Just a quick update today because I am going on a trip for a few days and still need to pack…

Lady Joker, Vol. 1 (1997) by Kaoru Takamura

I knew nothing about this book and picked it up because I needed a nother book for a 3 for 2 offer. The bookseller recommended this one as he enjoyed it. The blurb tells me that this is, apparently, a Japanese crime classic.

While I definitely can see how the book is unusual, and even quirky, and full of suspense, it just didn’t work for me.

I liked the premise of the book: a groupe of people who are discontented for various reasons with a company, a kidnapping, blackmail, history, the question of ethics in corprate governance. I liked that there were so many levels to the book and story.

However, I could not find myself caring for any of the characters. Maybe it was because there are so many of them – 27 – or maybe it was because I could not tell some of them apart, but a lack of interest in what would happen made me disinterested in the book as a whole early on. Reading became a chore.

The only thing that kept me reading in the end was that I wanted to know how the kidnapping was resolved. And guess what? It isn’t. I guess this is addressed in Vol. 2? I don’t now. And I really don’t care any more. After a 500+ page story that meanders all over the place, I expect some kind of solution, not to be strung along for another 500+ pages.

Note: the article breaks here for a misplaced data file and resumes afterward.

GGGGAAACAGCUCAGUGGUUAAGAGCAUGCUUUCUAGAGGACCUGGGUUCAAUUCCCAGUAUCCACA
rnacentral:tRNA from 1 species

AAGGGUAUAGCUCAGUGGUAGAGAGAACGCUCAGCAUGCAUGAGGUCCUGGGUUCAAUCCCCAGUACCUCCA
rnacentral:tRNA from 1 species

I was disappointed.


One by One They Disappeared (1928) by Moray Dalton

I have really come to look forward to reading a Moray Dalton story. However, this one was disappointing: the plot was convoluted and the main character was a TSTL young woman who kept being patronised by all of the other characters.

This is not what I have come to expect from Dalton’s books, which seem to have rather plucky young main characters – at least in the titles I have read so far.

The ending had a bit of a twist, but it was not enough to salvage the book for me.

This was just another mystery that didn’t work for me.


Other reviews posted this week:


Currently reading:
The Oxford Shakespeare: The Complete Works – William Shakespeare (see The Will’s World Project)

The Breaking Point – Daphne Du Maurier

Rebel Writers: Seven Women Who Changed Their World – Celia Brayfield

Agatha Christie: A Very Elusive Woman – Lucy Worsley